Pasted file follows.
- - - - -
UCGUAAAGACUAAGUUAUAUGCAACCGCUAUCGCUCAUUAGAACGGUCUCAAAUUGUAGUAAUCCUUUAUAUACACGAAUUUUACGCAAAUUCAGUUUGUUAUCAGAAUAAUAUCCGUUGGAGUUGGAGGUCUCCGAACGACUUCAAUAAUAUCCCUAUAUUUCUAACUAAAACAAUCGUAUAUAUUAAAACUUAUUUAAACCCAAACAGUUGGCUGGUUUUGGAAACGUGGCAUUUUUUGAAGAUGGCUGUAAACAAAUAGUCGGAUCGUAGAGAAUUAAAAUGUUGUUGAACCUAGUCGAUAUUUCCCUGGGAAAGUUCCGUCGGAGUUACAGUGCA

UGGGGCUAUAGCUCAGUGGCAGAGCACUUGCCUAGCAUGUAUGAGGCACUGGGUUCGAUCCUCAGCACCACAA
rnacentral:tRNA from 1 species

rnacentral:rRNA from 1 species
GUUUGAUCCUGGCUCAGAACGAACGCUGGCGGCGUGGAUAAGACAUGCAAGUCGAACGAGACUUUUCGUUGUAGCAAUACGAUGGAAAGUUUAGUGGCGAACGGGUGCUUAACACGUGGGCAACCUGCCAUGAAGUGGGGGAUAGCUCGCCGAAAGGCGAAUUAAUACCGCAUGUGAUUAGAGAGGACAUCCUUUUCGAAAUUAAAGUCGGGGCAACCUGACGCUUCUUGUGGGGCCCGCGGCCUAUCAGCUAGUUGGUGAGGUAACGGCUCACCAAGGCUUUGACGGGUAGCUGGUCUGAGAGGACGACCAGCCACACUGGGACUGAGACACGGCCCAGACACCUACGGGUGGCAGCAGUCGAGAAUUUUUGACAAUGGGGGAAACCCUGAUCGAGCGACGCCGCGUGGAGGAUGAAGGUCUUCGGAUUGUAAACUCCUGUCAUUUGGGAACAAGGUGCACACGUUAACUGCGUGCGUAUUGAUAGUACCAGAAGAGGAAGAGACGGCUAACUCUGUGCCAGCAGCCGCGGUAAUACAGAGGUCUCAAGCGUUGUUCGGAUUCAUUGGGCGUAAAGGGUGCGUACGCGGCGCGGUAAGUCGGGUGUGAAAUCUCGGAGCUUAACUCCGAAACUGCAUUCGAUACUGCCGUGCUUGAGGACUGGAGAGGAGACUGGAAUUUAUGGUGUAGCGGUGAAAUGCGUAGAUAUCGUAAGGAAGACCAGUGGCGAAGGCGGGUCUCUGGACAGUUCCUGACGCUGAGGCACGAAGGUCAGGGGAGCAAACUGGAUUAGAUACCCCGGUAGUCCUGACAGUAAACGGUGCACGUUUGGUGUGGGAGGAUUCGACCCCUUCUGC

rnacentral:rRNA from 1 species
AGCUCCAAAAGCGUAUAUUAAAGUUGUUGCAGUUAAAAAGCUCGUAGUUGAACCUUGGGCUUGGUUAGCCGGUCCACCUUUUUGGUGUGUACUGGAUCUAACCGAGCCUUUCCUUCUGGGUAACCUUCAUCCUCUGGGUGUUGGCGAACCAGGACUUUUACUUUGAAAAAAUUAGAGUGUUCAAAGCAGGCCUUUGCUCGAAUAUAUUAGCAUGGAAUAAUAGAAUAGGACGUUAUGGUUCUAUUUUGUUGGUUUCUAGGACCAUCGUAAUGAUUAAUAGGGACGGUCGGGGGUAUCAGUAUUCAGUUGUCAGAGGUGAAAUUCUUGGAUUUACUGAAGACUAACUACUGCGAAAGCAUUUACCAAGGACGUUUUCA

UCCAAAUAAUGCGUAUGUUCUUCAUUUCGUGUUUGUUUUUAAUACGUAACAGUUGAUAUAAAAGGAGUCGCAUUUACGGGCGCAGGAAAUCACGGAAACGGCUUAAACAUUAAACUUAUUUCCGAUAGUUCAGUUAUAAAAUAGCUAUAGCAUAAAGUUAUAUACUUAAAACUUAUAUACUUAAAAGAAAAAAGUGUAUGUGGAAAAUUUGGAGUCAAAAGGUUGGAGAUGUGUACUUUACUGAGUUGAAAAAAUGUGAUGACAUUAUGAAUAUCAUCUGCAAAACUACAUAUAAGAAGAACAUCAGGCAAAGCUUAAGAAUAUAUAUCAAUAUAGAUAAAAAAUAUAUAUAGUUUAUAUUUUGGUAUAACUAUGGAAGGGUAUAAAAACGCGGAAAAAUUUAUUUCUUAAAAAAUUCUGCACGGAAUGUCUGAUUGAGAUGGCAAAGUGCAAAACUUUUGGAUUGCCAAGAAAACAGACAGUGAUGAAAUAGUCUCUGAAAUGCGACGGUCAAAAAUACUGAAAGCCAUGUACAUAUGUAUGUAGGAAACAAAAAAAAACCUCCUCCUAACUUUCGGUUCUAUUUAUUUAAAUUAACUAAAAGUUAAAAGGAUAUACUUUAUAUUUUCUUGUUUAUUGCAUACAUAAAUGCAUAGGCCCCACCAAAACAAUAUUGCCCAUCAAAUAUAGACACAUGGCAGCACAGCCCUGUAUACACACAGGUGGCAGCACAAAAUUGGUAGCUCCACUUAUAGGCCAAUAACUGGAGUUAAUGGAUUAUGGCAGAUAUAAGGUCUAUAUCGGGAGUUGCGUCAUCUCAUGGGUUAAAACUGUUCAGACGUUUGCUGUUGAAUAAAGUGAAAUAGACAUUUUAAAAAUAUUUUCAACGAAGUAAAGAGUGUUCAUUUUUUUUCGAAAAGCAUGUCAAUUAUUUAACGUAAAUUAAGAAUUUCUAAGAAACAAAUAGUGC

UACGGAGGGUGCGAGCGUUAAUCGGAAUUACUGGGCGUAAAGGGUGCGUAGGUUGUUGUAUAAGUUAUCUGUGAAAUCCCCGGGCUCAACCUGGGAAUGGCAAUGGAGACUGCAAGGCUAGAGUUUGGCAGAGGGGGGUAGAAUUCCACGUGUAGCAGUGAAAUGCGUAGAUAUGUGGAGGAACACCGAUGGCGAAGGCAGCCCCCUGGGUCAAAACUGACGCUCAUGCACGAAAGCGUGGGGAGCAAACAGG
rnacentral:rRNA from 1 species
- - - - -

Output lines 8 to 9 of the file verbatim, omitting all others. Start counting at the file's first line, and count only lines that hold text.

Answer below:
UCCAAAUAAUGCGUAUGUUCUUCAUUUCGUGUUUGUUUUUAAUACGUAACAGUUGAUAUAAAAGGAGUCGCAUUUACGGGCGCAGGAAAUCACGGAAACGGCUUAAACAUUAAACUUAUUUCCGAUAGUUCAGUUAUAAAAUAGCUAUAGCAUAAAGUUAUAUACUUAAAACUUAUAUACUUAAAAGAAAAAAGUGUAUGUGGAAAAUUUGGAGUCAAAAGGUUGGAGAUGUGUACUUUACUGAGUUGAAAAAAUGUGAUGACAUUAUGAAUAUCAUCUGCAAAACUACAUAUAAGAAGAACAUCAGGCAAAGCUUAAGAAUAUAUAUCAAUAUAGAUAAAAAAUAUAUAUAGUUUAUAUUUUGGUAUAACUAUGGAAGGGUAUAAAAACGCGGAAAAAUUUAUUUCUUAAAAAAUUCUGCACGGAAUGUCUGAUUGAGAUGGCAAAGUGCAAAACUUUUGGAUUGCCAAGAAAACAGACAGUGAUGAAAUAGUCUCUGAAAUGCGACGGUCAAAAAUACUGAAAGCCAUGUACAUAUGUAUGUAGGAAACAAAAAAAAACCUCCUCCUAACUUUCGGUUCUAUUUAUUUAAAUUAACUAAAAGUUAAAAGGAUAUACUUUAUAUUUUCUUGUUUAUUGCAUACAUAAAUGCAUAGGCCCCACCAAAACAAUAUUGCCCAUCAAAUAUAGACACAUGGCAGCACAGCCCUGUAUACACACAGGUGGCAGCACAAAAUUGGUAGCUCCACUUAUAGGCCAAUAACUGGAGUUAAUGGAUUAUGGCAGAUAUAAGGUCUAUAUCGGGAGUUGCGUCAUCUCAUGGGUUAAAACUGUUCAGACGUUUGCUGUUGAAUAAAGUGAAAUAGACAUUUUAAAAAUAUUUUCAACGAAGUAAAGAGUGUUCAUUUUUUUUCGAAAAGCAUGUCAAUUAUUUAACGUAAAUUAAGAAUUUCUAAGAAACAAAUAGUGC

UACGGAGGGUGCGAGCGUUAAUCGGAAUUACUGGGCGUAAAGGGUGCGUAGGUUGUUGUAUAAGUUAUCUGUGAAAUCCCCGGGCUCAACCUGGGAAUGGCAAUGGAGACUGCAAGGCUAGAGUUUGGCAGAGGGGGGUAGAAUUCCACGUGUAGCAGUGAAAUGCGUAGAUAUGUGGAGGAACACCGAUGGCGAAGGCAGCCCCCUGGGUCAAAACUGACGCUCAUGCACGAAAGCGUGGGGAGCAAACAGG